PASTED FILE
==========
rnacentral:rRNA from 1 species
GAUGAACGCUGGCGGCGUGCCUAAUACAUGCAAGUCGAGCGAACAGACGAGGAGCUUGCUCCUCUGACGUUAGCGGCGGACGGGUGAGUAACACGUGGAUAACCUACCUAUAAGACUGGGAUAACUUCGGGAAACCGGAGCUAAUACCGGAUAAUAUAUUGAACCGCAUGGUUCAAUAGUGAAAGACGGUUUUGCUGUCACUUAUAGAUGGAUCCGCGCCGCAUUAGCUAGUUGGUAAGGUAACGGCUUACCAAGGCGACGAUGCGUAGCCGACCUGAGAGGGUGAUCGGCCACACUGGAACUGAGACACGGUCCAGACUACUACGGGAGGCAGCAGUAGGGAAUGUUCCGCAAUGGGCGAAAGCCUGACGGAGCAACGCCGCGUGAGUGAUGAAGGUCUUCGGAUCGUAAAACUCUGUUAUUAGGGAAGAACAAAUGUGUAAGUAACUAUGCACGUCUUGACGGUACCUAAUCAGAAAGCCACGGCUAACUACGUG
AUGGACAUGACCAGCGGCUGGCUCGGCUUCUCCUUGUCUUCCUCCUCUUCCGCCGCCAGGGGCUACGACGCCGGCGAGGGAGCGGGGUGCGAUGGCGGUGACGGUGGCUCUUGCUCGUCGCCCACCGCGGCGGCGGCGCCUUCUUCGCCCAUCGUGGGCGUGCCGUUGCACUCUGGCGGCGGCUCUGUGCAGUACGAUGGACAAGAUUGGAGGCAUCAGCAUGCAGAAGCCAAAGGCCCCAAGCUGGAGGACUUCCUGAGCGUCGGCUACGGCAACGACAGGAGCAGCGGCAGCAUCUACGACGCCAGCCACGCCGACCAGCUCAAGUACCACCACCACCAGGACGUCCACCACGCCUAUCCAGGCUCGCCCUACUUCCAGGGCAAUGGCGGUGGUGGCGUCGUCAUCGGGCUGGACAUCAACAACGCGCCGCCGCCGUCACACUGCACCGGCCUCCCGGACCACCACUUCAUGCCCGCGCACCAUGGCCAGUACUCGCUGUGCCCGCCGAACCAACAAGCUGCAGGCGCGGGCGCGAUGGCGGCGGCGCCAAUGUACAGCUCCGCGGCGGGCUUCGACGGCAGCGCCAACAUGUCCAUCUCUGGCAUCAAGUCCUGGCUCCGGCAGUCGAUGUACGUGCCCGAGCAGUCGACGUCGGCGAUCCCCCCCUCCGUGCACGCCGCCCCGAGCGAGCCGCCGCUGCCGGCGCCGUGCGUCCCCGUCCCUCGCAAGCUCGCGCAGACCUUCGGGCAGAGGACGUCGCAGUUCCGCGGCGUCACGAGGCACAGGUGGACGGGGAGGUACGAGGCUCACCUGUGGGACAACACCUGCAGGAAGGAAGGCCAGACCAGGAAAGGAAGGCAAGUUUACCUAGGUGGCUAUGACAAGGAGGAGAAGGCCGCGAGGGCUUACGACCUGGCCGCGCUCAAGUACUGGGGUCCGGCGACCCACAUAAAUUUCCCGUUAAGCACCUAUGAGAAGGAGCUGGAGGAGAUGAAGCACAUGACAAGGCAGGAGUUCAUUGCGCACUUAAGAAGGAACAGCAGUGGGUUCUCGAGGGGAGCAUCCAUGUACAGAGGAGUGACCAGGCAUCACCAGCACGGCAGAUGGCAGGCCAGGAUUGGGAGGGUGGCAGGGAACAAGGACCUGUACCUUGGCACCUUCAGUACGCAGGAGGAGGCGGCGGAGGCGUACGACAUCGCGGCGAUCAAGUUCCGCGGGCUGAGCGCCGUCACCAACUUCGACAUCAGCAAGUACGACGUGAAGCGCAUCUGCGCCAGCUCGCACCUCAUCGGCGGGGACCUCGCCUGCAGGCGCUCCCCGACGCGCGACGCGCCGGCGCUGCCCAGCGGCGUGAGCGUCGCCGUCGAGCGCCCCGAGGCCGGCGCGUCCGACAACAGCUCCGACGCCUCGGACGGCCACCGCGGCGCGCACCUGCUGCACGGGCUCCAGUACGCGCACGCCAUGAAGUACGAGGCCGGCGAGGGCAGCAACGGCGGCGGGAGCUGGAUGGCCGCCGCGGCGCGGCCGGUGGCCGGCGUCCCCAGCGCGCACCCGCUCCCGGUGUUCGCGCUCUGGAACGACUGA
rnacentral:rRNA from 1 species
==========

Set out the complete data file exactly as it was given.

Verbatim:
rnacentral:rRNA from 1 species
GAUGAACGCUGGCGGCGUGCCUAAUACAUGCAAGUCGAGCGAACAGACGAGGAGCUUGCUCCUCUGACGUUAGCGGCGGACGGGUGAGUAACACGUGGAUAACCUACCUAUAAGACUGGGAUAACUUCGGGAAACCGGAGCUAAUACCGGAUAAUAUAUUGAACCGCAUGGUUCAAUAGUGAAAGACGGUUUUGCUGUCACUUAUAGAUGGAUCCGCGCCGCAUUAGCUAGUUGGUAAGGUAACGGCUUACCAAGGCGACGAUGCGUAGCCGACCUGAGAGGGUGAUCGGCCACACUGGAACUGAGACACGGUCCAGACUACUACGGGAGGCAGCAGUAGGGAAUGUUCCGCAAUGGGCGAAAGCCUGACGGAGCAACGCCGCGUGAGUGAUGAAGGUCUUCGGAUCGUAAAACUCUGUUAUUAGGGAAGAACAAAUGUGUAAGUAACUAUGCACGUCUUGACGGUACCUAAUCAGAAAGCCACGGCUAACUACGUG
AUGGACAUGACCAGCGGCUGGCUCGGCUUCUCCUUGUCUUCCUCCUCUUCCGCCGCCAGGGGCUACGACGCCGGCGAGGGAGCGGGGUGCGAUGGCGGUGACGGUGGCUCUUGCUCGUCGCCCACCGCGGCGGCGGCGCCUUCUUCGCCCAUCGUGGGCGUGCCGUUGCACUCUGGCGGCGGCUCUGUGCAGUACGAUGGACAAGAUUGGAGGCAUCAGCAUGCAGAAGCCAAAGGCCCCAAGCUGGAGGACUUCCUGAGCGUCGGCUACGGCAACGACAGGAGCAGCGGCAGCAUCUACGACGCCAGCCACGCCGACCAGCUCAAGUACCACCACCACCAGGACGUCCACCACGCCUAUCCAGGCUCGCCCUACUUCCAGGGCAAUGGCGGUGGUGGCGUCGUCAUCGGGCUGGACAUCAACAACGCGCCGCCGCCGUCACACUGCACCGGCCUCCCGGACCACCACUUCAUGCCCGCGCACCAUGGCCAGUACUCGCUGUGCCCGCCGAACCAACAAGCUGCAGGCGCGGGCGCGAUGGCGGCGGCGCCAAUGUACAGCUCCGCGGCGGGCUUCGACGGCAGCGCCAACAUGUCCAUCUCUGGCAUCAAGUCCUGGCUCCGGCAGUCGAUGUACGUGCCCGAGCAGUCGACGUCGGCGAUCCCCCCCUCCGUGCACGCCGCCCCGAGCGAGCCGCCGCUGCCGGCGCCGUGCGUCCCCGUCCCUCGCAAGCUCGCGCAGACCUUCGGGCAGAGGACGUCGCAGUUCCGCGGCGUCACGAGGCACAGGUGGACGGGGAGGUACGAGGCUCACCUGUGGGACAACACCUGCAGGAAGGAAGGCCAGACCAGGAAAGGAAGGCAAGUUUACCUAGGUGGCUAUGACAAGGAGGAGAAGGCCGCGAGGGCUUACGACCUGGCCGCGCUCAAGUACUGGGGUCCGGCGACCCACAUAAAUUUCCCGUUAAGCACCUAUGAGAAGGAGCUGGAGGAGAUGAAGCACAUGACAAGGCAGGAGUUCAUUGCGCACUUAAGAAGGAACAGCAGUGGGUUCUCGAGGGGAGCAUCCAUGUACAGAGGAGUGACCAGGCAUCACCAGCACGGCAGAUGGCAGGCCAGGAUUGGGAGGGUGGCAGGGAACAAGGACCUGUACCUUGGCACCUUCAGUACGCAGGAGGAGGCGGCGGAGGCGUACGACAUCGCGGCGAUCAAGUUCCGCGGGCUGAGCGCCGUCACCAACUUCGACAUCAGCAAGUACGACGUGAAGCGCAUCUGCGCCAGCUCGCACCUCAUCGGCGGGGACCUCGCCUGCAGGCGCUCCCCGACGCGCGACGCGCCGGCGCUGCCCAGCGGCGUGAGCGUCGCCGUCGAGCGCCCCGAGGCCGGCGCGUCCGACAACAGCUCCGACGCCUCGGACGGCCACCGCGGCGCGCACCUGCUGCACGGGCUCCAGUACGCGCACGCCAUGAAGUACGAGGCCGGCGAGGGCAGCAACGGCGGCGGGAGCUGGAUGGCCGCCGCGGCGCGGCCGGUGGCCGGCGUCCCCAGCGCGCACCCGCUCCCGGUGUUCGCGCUCUGGAACGACUGA
rnacentral:rRNA from 1 species